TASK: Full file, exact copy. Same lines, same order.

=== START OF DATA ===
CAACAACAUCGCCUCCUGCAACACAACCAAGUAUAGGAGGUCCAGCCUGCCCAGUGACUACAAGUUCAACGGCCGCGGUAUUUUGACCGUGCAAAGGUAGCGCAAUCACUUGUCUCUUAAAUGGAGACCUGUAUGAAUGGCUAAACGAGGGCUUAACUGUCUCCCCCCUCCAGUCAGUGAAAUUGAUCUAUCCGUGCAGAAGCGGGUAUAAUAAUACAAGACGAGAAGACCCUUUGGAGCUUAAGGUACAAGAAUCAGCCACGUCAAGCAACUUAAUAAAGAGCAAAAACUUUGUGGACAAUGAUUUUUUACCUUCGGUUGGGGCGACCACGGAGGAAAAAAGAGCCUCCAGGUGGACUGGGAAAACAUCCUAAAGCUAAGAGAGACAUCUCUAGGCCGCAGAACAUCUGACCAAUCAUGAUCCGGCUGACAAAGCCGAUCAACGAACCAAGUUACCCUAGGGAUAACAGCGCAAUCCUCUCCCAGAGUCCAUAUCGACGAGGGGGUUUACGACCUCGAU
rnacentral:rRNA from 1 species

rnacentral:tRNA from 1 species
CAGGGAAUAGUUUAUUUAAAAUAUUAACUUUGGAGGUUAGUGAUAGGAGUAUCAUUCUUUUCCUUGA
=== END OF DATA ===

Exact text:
CAACAACAUCGCCUCCUGCAACACAACCAAGUAUAGGAGGUCCAGCCUGCCCAGUGACUACAAGUUCAACGGCCGCGGUAUUUUGACCGUGCAAAGGUAGCGCAAUCACUUGUCUCUUAAAUGGAGACCUGUAUGAAUGGCUAAACGAGGGCUUAACUGUCUCCCCCCUCCAGUCAGUGAAAUUGAUCUAUCCGUGCAGAAGCGGGUAUAAUAAUACAAGACGAGAAGACCCUUUGGAGCUUAAGGUACAAGAAUCAGCCACGUCAAGCAACUUAAUAAAGAGCAAAAACUUUGUGGACAAUGAUUUUUUACCUUCGGUUGGGGCGACCACGGAGGAAAAAAGAGCCUCCAGGUGGACUGGGAAAACAUCCUAAAGCUAAGAGAGACAUCUCUAGGCCGCAGAACAUCUGACCAAUCAUGAUCCGGCUGACAAAGCCGAUCAACGAACCAAGUUACCCUAGGGAUAACAGCGCAAUCCUCUCCCAGAGUCCAUAUCGACGAGGGGGUUUACGACCUCGAU
rnacentral:rRNA from 1 species

rnacentral:tRNA from 1 species
CAGGGAAUAGUUUAUUUAAAAUAUUAACUUUGGAGGUUAGUGAUAGGAGUAUCAUUCUUUUCCUUGA